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Braylon Edwards, alongside Derek Anderson, led the Browns to one of their few winning records in 2007. Edwards caught 16 touchdowns and racked up 1,289 receiving yards, which made him a high target during most 2008 drafts. But all Edwards did was be on the list of busts, scoring only three times with 873 receiving yards.
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6. Emmitt Smith (1997)

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During his prime, there wasn’t a more sure thing than Emmitt Smith racking up yards and touchdowns for the Dallas Cowboys. In 1997, however, Smith battled injuries all season, only picking up 1,074 yards and 4 TDs all season. The four touchdowns are the second lowest total Emmitt had during his Cowboys’ career.
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5. Terrell Owens (1999)

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Although Owens was still relatively unknown in 1999, he was coming off a season where he racked up 1,097 yards and 14 scores. So one could expect Owens to breakout that season - - right? Wrong. Owens only had 754 yards and four scores in ’99, his lowest yards total outside of his rookie season.
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4. Rudi Johnson (2007)

Rudi Johnson Foundation
Rudi Johnson might have not been a household name, but he had a three-year stretch that any running back would dream of. From 2004-06, Johnson averaged 1,407 yards and 12 touchdowns, certainly impressive numbers for any back. Apparently, that three-year stretch took a huge toll on Johnson’s body, because in 2007 he only played in 11 games, rushing for only 497 yards and three scores.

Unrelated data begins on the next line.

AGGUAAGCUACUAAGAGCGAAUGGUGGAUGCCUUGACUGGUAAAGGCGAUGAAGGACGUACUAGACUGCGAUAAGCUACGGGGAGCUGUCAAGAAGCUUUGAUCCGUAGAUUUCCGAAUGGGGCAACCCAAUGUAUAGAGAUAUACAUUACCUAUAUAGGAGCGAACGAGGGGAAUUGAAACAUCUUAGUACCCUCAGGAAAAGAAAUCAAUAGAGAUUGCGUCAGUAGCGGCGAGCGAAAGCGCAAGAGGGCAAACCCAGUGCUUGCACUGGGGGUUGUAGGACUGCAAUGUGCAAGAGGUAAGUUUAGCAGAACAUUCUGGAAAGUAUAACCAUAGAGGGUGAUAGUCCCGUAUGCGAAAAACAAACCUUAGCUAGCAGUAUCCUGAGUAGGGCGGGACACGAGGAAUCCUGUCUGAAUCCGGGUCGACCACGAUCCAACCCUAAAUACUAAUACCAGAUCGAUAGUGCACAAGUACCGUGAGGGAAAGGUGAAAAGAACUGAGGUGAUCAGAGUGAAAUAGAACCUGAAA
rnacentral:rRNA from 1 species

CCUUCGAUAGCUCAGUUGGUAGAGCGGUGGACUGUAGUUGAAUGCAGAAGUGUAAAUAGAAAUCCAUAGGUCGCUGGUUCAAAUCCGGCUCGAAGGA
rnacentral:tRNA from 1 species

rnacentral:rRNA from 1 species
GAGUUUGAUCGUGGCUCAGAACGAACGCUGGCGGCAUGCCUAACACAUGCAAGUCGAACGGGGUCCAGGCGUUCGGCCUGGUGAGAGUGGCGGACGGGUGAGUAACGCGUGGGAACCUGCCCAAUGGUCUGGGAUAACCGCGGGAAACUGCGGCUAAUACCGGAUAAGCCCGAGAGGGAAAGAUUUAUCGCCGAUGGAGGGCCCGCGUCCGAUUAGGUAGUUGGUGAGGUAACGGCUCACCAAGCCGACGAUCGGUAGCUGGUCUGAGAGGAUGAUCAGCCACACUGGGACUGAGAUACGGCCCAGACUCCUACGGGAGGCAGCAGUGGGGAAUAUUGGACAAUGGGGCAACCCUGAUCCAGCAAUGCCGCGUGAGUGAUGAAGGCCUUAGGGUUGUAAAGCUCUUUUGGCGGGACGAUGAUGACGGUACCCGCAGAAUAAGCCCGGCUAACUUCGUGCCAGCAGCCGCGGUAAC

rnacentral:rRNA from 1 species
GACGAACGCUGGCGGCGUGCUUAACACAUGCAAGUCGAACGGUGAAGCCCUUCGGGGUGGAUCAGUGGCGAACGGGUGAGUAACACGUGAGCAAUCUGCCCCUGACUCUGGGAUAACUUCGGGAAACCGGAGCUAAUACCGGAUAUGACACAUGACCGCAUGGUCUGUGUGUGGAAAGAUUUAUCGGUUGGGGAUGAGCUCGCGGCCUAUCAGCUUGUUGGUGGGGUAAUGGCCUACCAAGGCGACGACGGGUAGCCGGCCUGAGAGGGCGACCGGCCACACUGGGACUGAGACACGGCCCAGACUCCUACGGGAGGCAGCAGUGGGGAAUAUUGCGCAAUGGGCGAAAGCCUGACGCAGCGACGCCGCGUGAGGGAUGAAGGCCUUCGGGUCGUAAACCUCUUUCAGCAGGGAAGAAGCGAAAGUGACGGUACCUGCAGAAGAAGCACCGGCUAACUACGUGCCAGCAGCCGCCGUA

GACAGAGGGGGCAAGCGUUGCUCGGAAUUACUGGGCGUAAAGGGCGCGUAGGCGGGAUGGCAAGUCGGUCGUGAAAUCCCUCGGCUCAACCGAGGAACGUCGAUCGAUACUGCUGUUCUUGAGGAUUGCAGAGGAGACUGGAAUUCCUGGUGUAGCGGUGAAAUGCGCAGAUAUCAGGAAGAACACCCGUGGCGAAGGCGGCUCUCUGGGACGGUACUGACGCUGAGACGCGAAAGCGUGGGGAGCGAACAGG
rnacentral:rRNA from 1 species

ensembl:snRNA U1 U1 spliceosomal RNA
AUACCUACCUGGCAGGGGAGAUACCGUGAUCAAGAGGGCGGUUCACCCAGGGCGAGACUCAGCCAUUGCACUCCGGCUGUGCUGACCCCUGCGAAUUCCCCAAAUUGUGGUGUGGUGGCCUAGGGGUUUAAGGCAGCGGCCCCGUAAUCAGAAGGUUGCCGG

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3. Marc Bulger (2007)

Nick Wass - AP
Marc Bulger was a fun fantasy quarterback to have in the late 2000s. You knew the Rams weren’t going to mess around with running the ball; ergo, you could expect a 4,000 yard, 20 touchdown season from the Rams’ QB. Coming off a great season in 2006 where he threw for 4,301 yards and had a 3:1 TD/INT ratio, Bulger was a high pick in a lot of fantasy leagues; however, Bulger was one of the bigger busts in 2007. He finished the season throwing for 2,392 yards, 11 touchdowns, and 15 interceptions.
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2. Eddie George (2001)

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Eddie George was as much as a horse as a running back could be. In his brief eight-year career with the Tennessee Titans, George averaged 342 carries a season; hence, you can understand why he retired after only eight seasons. George was coming off a season where he had 1,509 yards – albeit on 403 carries – and 14 touchdowns in 2000. However, George’s body never bounced back well enough from the pounding he took, rushing for only 939 yards and five touchdowns in 2001.
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1. Shaun Alexander (2006)

While a lot of these guys were busts, they weren’t necessarily picked in the first round - - that’s where Shaun Alexander comes into play. Alexander wasn’t only a first round pick in 2006, but he was a legitimate candidate for the number one overall pick. He was coming off his record breaking season in 2005, where he totaled 1,958 yards from scrimmage and scored 28 times; therefore, you can understand why owners would have taken him number one overall. But Alexander was a huge bust, having less than 1,000 from scrimmage and only seven scores.